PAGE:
Bloomberg is reporting today that U.S. and Chinese securities regulators are planning to meet next week to discuss the details of a proposal that would allow for U.S. feds to directly investigate companies within China (NYSE:FXI). An agreement would mark the first time American economic officials have been granted such a privilege. Reps. from the American Securities and Exchange Commission and the Public Company Accounting Oversight Board will meet with members of the Chinese Securities Regulatory Commission next week in Beijing.
If reached, a deal between the economic rivals would serve as a landmark achievement for China’s global integration and a strong token of confidence for its publicly traded businesses. Many international investors remain wary of Chinese stocks because they are not subject to intl. regulation; accusations of funny accounting and confabulated earnings are commonplace, though allowing audits by U.S. officials would do much to silence those critics.
Companies such as China-Biotics (NASDAQ:CHBT), Heli Electronics Corp (HELI), and more than 12 others have been suspended from trading on American exchanges this year due to concerns with accounting. Officials say access to the businesses’ home operations in China would expedite the investigation processes for firms of this ilk.
According to PCAOB Chairman James Doty, the need to give investigators access to China (NYSE:FXI) is more important now than ever, and would resolve “a gaping hole” in protecting investors. A former SEC lawyer added, “We’re at a time where the integrity of the financial statements of so many companies has been challenged, that the natural place to look for some reassurance is the regulator with oversight responsibility… But if the regulator cannot oversee, that in and of itself diminishes confidence.”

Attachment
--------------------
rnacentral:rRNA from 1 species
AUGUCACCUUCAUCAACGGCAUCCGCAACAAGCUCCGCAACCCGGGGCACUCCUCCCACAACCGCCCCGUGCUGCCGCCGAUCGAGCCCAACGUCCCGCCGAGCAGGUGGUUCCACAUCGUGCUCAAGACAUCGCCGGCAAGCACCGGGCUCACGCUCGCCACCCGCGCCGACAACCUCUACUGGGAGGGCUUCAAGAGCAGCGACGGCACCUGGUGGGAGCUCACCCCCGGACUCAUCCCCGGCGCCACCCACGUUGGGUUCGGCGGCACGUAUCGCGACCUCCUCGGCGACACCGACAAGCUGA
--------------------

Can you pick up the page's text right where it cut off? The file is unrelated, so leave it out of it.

Bloomberg estimates there were roughly 200 Chinese companies to start trading on American stock exchanges such as the New York Stock Exchange (NYSE:NYX) and Nasdaq (NASDAQ:NDAQ) in the last four years. 150 of those entered trading through reverse mergers (buyouts of a ‘shell company’ that already trades publicly to avoid having to do an IPO), compared to 50 that went with IPOs. If an investigative deal is reached between the nations, Chinese companies might opt less for market entry through the back-door of reverse mergers, and look more towards filing for IPOs on American exchanges.
A potential deal holds promise for both parties, and investors at large, though questions will linger until the details of an arrangement are disclosed.